Danny Ellis (2012) The Boy at the Gate.
Posted by celticman on Sat, 25 Jan 2014
The Boy at the Gate is Danny Ellis aged eight. He’s waiting for his Ma at one of the three gates leading into and out of Artane Industrial School. It’s run by the Christian Brothers and has five dormitories with 175 bed, a cinema and a 325-foot long hall, a concert hall, various rooms, kitchens, administrative block. When Ellis talks about the Christian Brothers ‘caring’ for children he marks out the word care by quotation marks. ‘Christian’ and ‘Brothers’ should follow that pattern.He describes many of them as psychopathic (and paedophiliac) that delight in the torture of small children. The children exist in this factory of locked up fear, but they have camaraderie and a common enemy in the Brothers and authority in general. It’s no great surprise that Artane boys became Atrane men that were more likely than most to fall off the end of the world. But this is to jump ahead. Danny had a life before Artane. His two twin brothers had disappeared when they were tots and his two younger sisters were also being ‘cared’ for by the nuns, but his Ma had turned up trailing cow turd from the fields into the administration office and stinking of Guinness, but she’d promised she’d come to get him at Christmas. Brother Columbus, who is portrayed as a good and saintly man, tried to convince him that his Ma wasn’t going to turn up and take him back to that old life, but Danny is a boy and like any other boy he needs his dreams. He hears the stars sing to each other in the sky and falls in love with music. He finds his mojo, his vocation and home in the spell that the voices and instruments of man might cast. In the Artane Boys’ Band and he finds a place to be himself. The boys are dressed in ill-fitting studded boots, shorts, jacket and jumpers made by other boys in the school, but the innocence of that time, the end of the 1950s, is not in the music or the clothes. Think about this. A lump of lad, fourteen, fifteen, going on sixteen that are battered every day and batter each other are discussing sex. Danny's been there for almost eight years and they’re as baffled as four-year-old picking up a vibrator. One of them suggests that sex is like a lock and key and that for a woman to have twins you need to turn the lock twice. These were innocent times filled with sad, bad, mad and depraved adults. In the final trick of life Danny when he’s leaving Artane finds out that the two twin lads he’d been tutoring in the band are his half-brothers from that time of hope long ago. He seeks them out to tell them.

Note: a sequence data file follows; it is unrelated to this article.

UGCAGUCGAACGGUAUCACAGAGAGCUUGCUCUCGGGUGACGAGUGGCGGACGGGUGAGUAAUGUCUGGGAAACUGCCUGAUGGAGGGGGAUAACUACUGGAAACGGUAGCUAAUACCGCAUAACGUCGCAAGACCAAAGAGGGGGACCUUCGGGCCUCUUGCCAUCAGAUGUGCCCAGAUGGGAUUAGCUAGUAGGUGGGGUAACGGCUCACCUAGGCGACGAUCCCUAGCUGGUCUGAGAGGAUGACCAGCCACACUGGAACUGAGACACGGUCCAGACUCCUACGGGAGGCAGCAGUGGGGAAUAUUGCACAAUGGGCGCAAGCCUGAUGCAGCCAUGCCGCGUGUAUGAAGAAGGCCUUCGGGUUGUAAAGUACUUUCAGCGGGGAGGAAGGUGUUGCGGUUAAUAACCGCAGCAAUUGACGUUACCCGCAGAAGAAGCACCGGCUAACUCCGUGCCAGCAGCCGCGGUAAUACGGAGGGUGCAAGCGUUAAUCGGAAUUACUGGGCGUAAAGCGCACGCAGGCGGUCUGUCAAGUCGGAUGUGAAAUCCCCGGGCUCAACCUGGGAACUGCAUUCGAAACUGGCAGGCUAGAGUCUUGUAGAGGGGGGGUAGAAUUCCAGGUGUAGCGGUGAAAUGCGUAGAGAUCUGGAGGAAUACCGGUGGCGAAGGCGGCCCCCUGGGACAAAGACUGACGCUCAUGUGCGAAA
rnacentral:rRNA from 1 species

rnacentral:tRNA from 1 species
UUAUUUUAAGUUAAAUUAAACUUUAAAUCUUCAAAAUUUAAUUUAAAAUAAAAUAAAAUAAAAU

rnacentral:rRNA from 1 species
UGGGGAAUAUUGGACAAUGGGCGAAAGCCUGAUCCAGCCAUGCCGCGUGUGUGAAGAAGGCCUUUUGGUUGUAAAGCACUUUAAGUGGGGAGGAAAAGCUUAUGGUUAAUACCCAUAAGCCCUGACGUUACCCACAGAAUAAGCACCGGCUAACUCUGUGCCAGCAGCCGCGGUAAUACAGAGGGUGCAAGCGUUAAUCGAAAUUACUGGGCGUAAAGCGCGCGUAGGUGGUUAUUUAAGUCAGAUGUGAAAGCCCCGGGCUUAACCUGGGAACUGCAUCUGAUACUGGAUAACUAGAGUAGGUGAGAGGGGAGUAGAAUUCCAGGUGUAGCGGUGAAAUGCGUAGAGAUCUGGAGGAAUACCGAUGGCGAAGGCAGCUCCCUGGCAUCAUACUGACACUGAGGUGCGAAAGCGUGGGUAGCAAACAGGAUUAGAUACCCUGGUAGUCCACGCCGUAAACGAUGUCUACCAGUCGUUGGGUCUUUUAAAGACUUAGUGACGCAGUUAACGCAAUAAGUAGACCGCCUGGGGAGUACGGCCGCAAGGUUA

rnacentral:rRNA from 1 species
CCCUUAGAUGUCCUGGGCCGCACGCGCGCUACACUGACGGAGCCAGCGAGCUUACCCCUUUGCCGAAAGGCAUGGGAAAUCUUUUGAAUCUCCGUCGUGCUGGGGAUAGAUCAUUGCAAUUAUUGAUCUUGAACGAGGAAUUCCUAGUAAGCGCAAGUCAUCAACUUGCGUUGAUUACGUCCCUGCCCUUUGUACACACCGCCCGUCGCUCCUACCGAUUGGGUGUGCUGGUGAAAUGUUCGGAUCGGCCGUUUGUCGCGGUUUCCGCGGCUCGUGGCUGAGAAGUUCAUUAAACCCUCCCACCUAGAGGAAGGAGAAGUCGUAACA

'Their eyes hold no question, no surprise, not even vague curiosity; it’s as if Artane had stripped them of every shred of emotion, leaving nothing but distrust and cold distance that none of us cares to cross.'
This is the legacy of places like Artane. We have these prisons here and as our society become more selfish and introverted they grow bigger.